Note: This article was first published on 8 January 2020.
The Dell XPS 13 has long been one of the best-looking ultrabooks around, boasting a deliciously compact form factor and a gorgeous edge-to-edge display. With the announcement of the new 2020 model, Dell may have just cemented its place on top of the ultrabook pile, at least in terms of design. The new XPS 13 is – to put it simply – stunning, with Dell lopping off the bottom bezel and making it even thinner.
The fit and finish is impeccable, and the laptop features a CNC-machined aluminum body in either platinum silver or a white colour Dell is dubbing "frost". Dell says it's cut from a block of aluminum in just two pieces, an approach that is more durable than piecing the machine together from more parts.
In addition, the edges are double-anodised, which makes them more durable and resistant to scratches. It's not uncommon to scuff up the side of your notebook as you try to plug in your peripherals, so the new design is supposed to help with that.
Dell also kept talking up the amount of attention it paid to the tiniest details. For instance, an XPS logo sits on the bottom panel, but it hasn't simply been etched there by laser. Instead, the logo was laser-cut out of a sheet of stainless steel and placed into the recess by hand.
The black and white palm rests, which come with the platinum silver and frost colour respectively, also differ from one another. The black model is made from carbon fibre that is as strong as aluminum but lighter, which helps reduce the overall weight. On the other hand, the "arctic white" palm rests are made from woven glass fibres, which also come with a UV- and stain-resistant coating to stay clean over time. It also has a more silky texture and an attractive sheen that's quite eye-catching.
The chassis also tapers to a super thin edge – it looks great, and feels even better in hand. It measures just 14.8mm at its thickest point at the rear, and weighs just 1.2kg (or 1.27kg for the touchscreen model). This is one laptop that you can just slip into your bag and forget about.
But the main highlight of the new XPS 13 has to be its display. It's larger than before at 13.4-inches, boasting also a crisp 3,840 x 2,400-pixel resolution. Alternatively, there is the option for a lower resolution 1,920 x 1,200-pixel screen, in case you decide you don't need 4K. You'll notice the new 16:10 aspect ratio, which is better for viewing documents, and Dell managed this by shrinking the bottom bezel from 19.5mm to only 4.6mm.
Many so-called edge-to-edge screens really only have slim bezels on three sides, and that was the case on the old XPS 13 as well. The new model finally achieves a true bezel-less look, and it's absolutely stunning. You kind of just want to keep staring at it, and I expect this will be one of the biggest selling points of the XPS 13 for many people.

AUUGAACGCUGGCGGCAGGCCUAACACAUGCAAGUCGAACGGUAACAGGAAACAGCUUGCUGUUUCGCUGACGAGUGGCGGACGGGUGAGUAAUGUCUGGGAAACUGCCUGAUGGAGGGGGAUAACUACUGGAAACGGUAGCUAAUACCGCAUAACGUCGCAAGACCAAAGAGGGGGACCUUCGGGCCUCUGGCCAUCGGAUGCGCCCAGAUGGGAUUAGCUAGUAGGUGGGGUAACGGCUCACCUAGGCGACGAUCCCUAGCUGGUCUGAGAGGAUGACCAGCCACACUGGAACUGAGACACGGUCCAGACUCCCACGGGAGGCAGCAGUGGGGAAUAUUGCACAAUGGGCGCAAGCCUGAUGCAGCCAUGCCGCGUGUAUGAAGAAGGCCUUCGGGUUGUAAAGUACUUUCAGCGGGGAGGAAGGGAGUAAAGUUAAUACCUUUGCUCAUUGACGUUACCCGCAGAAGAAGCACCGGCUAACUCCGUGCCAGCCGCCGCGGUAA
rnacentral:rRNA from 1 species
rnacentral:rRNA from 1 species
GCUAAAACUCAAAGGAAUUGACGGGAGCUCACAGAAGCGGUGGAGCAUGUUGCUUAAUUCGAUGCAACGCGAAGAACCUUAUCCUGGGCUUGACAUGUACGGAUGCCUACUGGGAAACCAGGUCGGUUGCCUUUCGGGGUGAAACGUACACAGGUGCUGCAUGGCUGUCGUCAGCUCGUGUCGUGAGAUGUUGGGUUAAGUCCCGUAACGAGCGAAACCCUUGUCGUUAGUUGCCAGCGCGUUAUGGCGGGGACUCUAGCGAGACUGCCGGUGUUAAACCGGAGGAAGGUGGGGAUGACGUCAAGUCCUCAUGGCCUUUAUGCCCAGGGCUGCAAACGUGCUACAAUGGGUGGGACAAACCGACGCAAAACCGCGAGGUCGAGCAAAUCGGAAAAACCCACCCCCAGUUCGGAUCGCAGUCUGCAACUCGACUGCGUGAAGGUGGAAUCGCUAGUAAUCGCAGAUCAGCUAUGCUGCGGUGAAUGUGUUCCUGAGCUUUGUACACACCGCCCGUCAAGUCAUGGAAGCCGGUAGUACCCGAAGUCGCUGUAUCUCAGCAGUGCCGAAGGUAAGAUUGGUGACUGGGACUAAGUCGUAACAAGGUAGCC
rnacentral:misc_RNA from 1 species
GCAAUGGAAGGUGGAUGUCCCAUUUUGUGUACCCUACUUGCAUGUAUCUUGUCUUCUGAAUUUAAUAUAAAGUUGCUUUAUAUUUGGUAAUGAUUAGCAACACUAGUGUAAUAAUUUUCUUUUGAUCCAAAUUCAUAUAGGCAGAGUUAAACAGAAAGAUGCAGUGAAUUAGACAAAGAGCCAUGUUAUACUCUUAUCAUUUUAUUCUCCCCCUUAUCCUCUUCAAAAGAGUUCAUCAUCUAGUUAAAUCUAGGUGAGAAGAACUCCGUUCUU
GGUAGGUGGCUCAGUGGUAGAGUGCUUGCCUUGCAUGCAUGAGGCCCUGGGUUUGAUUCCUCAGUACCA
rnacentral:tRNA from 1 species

The display is topped with Corning Gorilla Glass 6, which has been bonded to the aluminum. The tiny 2.25mm infrared webcam still sits in the top bezel, so Dell has thankfully ended its dalliance with odd bottom-mounted cameras for good.
Dell has had to change the design of the hinge to accommodate the larger display too, and the new twin-coil press fit hinge sports a smaller cutout above the palm rest for a cleaner look.
On top of that, the keyboard has been improved as well, with the new layout utilising the available space more efficiently. The keyboard now spans the entire length of the base and features slightly larger keycaps and trackpad. The small-ish trackpad was one of the flaws of the old XPS 13, but Dell has tried to make things better this time around.
The keyboard has a 1mm travel distance – it doesn't seem great on paper but the sensible spacing between keys and larger keycaps help create a fairly comfortable typing experience.
The power button has been integrated into the keyboard's layout too, instead of sitting off by itself at the right. It doubles as a fingerprint reader, letting you sign in quickly using Windows Hello.
For better or worse, Dell also cleaned up the sides of the notebook. The four-LED battery indicator is gone, and you now get just two Thunderbolt 3 ports, a microSD card slot, and a headphone jack. In comparison, its predecessor had an extra USB-C port. I much prefer the new look because of just how uncluttered it is, but the battery indicator was pretty useful.
To round off, here's an overview of the specs of the laptop:
The latest version of the Dell XPS 13 could be one of the laptops to beat in 2020. It combines a luxurious design with top-notch specifications, and it's looking like quite the winner. That said, you can expect it to cost quite a lot when it arrives. A laptop for the masses, this is not.